Issues With Performance Reviews: Firms within the financial services industry, especially the larger ones, tend to have highly formalized processes for performance reviews. This is no surprise, since approximately 91% of all companies across the world, and 97.2% in the United States, have formal performance reviews.
Unfortunately, as a management process, performance reviews tend to be viewed negatively by managers and subordinates alike. The reasons are varied. Many observers and participants find it to be a highly bureaucratic exercise in paper pushing, form filling and box checking that adds little value, yet absorbs excessive amounts of time. The main purpose, in most instances, tends to be documentation and justification of decisions about compensation and promotions, rather than a mechanism to deliver high quality feedback and coaching or mentoring to employees.
Human resources specialists Sibson Consulting finds that only a distinct minority of companies, in the range of 35% to 40%, conduct performance reviews well, and part of the problem is that human resources departments tend to be good at enforcing compliance with filling in the boxes, but not at improving the quality of how the process is conducted. A Sibson survey of human resources executives found that 58% rated their companies' performance management systems at "C" or less. The main issue, they report, is that managers are inadequately trained in the art of giving appraisals.
Factors that damage the quality of performance reviews include:
- Managerial biases and prejudices
- Pressures from internal politics
- The ability of manipulative or dishonest employees to influence the process, game the system or mislead their managers
- Flawed processes for setting critical few objectives, managing expectations and tracking key metrics
- Weak managers who hesitate to give negative reviews to anyone
- Managers who feel compelled to give top ranks to people whom they hired, to justify their own personnel decisions
- Employee fears that speaking out frankly about problems with their jobs or the company, or to disagree with the boss, can be politically damaging to them
The upshot of all the above is that many companies have employee evaluation systems that do not tie performance and rewards closely enough. The result is employee dissatisfaction, at least among high achievers. People in matrix reporting situations face the added challenge of trying to please multiple masters, who may have radically different priorities and agendas.
Ideas for Improving Performance Reviews: In environments such as consulting, where work is project based, performance reviews tend to make more sense if done when projects are complete, rather than on a fixed annual cycle.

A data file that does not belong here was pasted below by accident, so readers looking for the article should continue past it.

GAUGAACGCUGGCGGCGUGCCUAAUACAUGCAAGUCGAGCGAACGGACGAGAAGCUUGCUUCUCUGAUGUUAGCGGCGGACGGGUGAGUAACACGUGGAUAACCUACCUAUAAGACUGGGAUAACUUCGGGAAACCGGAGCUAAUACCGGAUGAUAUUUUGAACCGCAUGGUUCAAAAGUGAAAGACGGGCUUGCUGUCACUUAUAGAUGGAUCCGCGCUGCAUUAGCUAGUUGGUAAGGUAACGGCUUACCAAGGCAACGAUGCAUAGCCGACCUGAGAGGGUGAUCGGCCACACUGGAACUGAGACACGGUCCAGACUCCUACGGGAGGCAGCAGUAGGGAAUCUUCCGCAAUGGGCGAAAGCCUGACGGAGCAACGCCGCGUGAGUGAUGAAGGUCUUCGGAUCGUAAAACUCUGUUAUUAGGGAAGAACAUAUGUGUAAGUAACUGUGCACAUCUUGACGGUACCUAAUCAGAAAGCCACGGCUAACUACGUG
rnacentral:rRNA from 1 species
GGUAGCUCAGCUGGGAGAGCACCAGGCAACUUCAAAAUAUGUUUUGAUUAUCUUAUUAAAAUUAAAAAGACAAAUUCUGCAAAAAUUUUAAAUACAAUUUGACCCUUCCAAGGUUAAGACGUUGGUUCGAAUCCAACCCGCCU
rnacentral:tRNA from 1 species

In other work environments, more frequent reviews, such as on a quarterly or even monthly basis, has been suggested by some who have studied the issue. However, the administrative burden would be too onerous if anywhere near the amount of form filling associated with the usual annual review were part of a more frequent review cycle.
Factoring in feedback from subordinates, peers and managers in other departments(and also, in appropriate circumstances, from clients and other people outside the firm with whom the employee in question interacts regularly) holds some theoretic attractiveness, and is the essence of so-called 360 degree evaluation processes. However, the downside to 360 degree reviews is that, if used as input in decisions about bonus awards and promotions, participants have incentives to give low grades to their competitors for these and other rewards.
Accordingly, some observers advise that 360 degree reviews should be anonymous, not shared with the employee's manager, not an input into compensation and promotion decisions, but simply a way for employees to understand how others see them, and thus strictly a tool for personal development and improvement.
SAS Institute Case Study: The SAS Institute is a leading purveyor of analytic software commonly used by information technology and management science groups in the financial services industry. SAS is the world's largest privately held software company, with 11,800 employees globally, 400 offices and $2.43 billion of revenues in 2010. In both 2010 and 2011 it placed first among the Fortune 100 Best Companies to Work For. SAS implemented a performance review process only in the past decade.
SAS has a 360 degree process, but only for improving employee skills. It does not factor into compensation and promotion decisions.
Additionally, a key application of SAS' performance review process is to identify which individuals are suitable for supervising employees in managerial positions, and who belong on a parallel advancement track for those with outstanding technical skills, but not supervisory skills. The mistake that many companies make is to have only one promotional track, which requires managerial responsibilities, and into which people without the requisite skills must be inserted if they are to be paid adequately.
Source: See "Should Performance Reviews Be Fired?" in the summer 2011 edition of Wharton Magazine.